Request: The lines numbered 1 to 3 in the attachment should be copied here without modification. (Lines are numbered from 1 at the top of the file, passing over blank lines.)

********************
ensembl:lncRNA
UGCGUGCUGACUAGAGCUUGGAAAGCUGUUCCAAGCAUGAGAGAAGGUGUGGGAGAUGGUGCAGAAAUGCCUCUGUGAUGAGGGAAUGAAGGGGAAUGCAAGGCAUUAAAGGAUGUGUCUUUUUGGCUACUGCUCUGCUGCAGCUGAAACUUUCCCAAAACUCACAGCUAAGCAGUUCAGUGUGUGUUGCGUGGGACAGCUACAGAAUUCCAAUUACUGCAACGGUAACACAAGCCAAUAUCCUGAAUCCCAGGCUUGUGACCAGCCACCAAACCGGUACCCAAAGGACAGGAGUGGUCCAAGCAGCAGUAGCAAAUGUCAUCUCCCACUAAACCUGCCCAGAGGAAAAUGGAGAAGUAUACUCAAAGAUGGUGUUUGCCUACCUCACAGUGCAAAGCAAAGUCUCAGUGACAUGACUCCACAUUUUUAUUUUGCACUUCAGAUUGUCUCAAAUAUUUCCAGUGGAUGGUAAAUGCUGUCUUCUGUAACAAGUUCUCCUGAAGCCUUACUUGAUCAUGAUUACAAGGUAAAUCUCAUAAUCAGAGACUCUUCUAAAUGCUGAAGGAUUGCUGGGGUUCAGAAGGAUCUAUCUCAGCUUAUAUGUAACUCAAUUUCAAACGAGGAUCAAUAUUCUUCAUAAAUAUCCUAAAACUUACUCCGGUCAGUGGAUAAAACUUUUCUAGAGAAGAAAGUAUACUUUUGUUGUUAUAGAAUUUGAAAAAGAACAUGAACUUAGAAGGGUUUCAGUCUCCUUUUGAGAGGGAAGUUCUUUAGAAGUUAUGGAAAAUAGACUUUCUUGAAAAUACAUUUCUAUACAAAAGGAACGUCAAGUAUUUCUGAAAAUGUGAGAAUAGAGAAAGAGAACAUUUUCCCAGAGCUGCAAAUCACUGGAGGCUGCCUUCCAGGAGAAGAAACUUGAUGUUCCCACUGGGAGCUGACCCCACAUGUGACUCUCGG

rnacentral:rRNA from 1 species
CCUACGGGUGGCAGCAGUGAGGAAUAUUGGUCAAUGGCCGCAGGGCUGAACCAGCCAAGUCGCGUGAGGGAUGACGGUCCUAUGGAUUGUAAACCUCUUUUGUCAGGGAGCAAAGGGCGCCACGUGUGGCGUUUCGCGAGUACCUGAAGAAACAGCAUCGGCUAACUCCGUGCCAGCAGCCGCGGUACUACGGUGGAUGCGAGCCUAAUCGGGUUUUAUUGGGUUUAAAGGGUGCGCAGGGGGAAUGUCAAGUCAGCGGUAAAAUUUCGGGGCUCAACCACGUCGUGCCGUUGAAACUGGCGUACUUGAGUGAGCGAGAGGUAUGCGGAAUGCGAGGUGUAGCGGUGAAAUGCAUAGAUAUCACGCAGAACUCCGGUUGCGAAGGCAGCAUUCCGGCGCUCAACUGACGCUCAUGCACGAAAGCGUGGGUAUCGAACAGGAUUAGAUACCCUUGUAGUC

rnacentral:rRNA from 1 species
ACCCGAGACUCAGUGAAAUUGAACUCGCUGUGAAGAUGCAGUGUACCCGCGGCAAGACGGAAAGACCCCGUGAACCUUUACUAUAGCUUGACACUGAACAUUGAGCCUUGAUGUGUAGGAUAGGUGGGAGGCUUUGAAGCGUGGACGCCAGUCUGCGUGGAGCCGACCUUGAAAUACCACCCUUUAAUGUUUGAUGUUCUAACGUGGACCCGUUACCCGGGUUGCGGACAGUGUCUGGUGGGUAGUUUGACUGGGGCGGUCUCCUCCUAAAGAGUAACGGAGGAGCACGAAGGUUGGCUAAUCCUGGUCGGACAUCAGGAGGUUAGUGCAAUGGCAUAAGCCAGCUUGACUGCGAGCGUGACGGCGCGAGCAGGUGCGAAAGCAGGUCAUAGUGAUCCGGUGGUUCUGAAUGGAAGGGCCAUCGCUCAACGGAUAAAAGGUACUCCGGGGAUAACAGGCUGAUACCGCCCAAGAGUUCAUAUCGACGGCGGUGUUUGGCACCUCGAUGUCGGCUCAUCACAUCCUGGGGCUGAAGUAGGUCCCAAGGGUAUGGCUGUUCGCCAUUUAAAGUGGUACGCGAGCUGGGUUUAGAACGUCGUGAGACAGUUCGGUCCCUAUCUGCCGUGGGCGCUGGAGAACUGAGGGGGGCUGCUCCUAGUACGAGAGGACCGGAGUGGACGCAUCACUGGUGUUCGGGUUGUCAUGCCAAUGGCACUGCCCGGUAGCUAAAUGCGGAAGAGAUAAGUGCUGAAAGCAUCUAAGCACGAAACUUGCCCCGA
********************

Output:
ensembl:lncRNA
UGCGUGCUGACUAGAGCUUGGAAAGCUGUUCCAAGCAUGAGAGAAGGUGUGGGAGAUGGUGCAGAAAUGCCUCUGUGAUGAGGGAAUGAAGGGGAAUGCAAGGCAUUAAAGGAUGUGUCUUUUUGGCUACUGCUCUGCUGCAGCUGAAACUUUCCCAAAACUCACAGCUAAGCAGUUCAGUGUGUGUUGCGUGGGACAGCUACAGAAUUCCAAUUACUGCAACGGUAACACAAGCCAAUAUCCUGAAUCCCAGGCUUGUGACCAGCCACCAAACCGGUACCCAAAGGACAGGAGUGGUCCAAGCAGCAGUAGCAAAUGUCAUCUCCCACUAAACCUGCCCAGAGGAAAAUGGAGAAGUAUACUCAAAGAUGGUGUUUGCCUACCUCACAGUGCAAAGCAAAGUCUCAGUGACAUGACUCCACAUUUUUAUUUUGCACUUCAGAUUGUCUCAAAUAUUUCCAGUGGAUGGUAAAUGCUGUCUUCUGUAACAAGUUCUCCUGAAGCCUUACUUGAUCAUGAUUACAAGGUAAAUCUCAUAAUCAGAGACUCUUCUAAAUGCUGAAGGAUUGCUGGGGUUCAGAAGGAUCUAUCUCAGCUUAUAUGUAACUCAAUUUCAAACGAGGAUCAAUAUUCUUCAUAAAUAUCCUAAAACUUACUCCGGUCAGUGGAUAAAACUUUUCUAGAGAAGAAAGUAUACUUUUGUUGUUAUAGAAUUUGAAAAAGAACAUGAACUUAGAAGGGUUUCAGUCUCCUUUUGAGAGGGAAGUUCUUUAGAAGUUAUGGAAAAUAGACUUUCUUGAAAAUACAUUUCUAUACAAAAGGAACGUCAAGUAUUUCUGAAAAUGUGAGAAUAGAGAAAGAGAACAUUUUCCCAGAGCUGCAAAUCACUGGAGGCUGCCUUCCAGGAGAAGAAACUUGAUGUUCCCACUGGGAGCUGACCCCACAUGUGACUCUCGG

rnacentral:rRNA from 1 species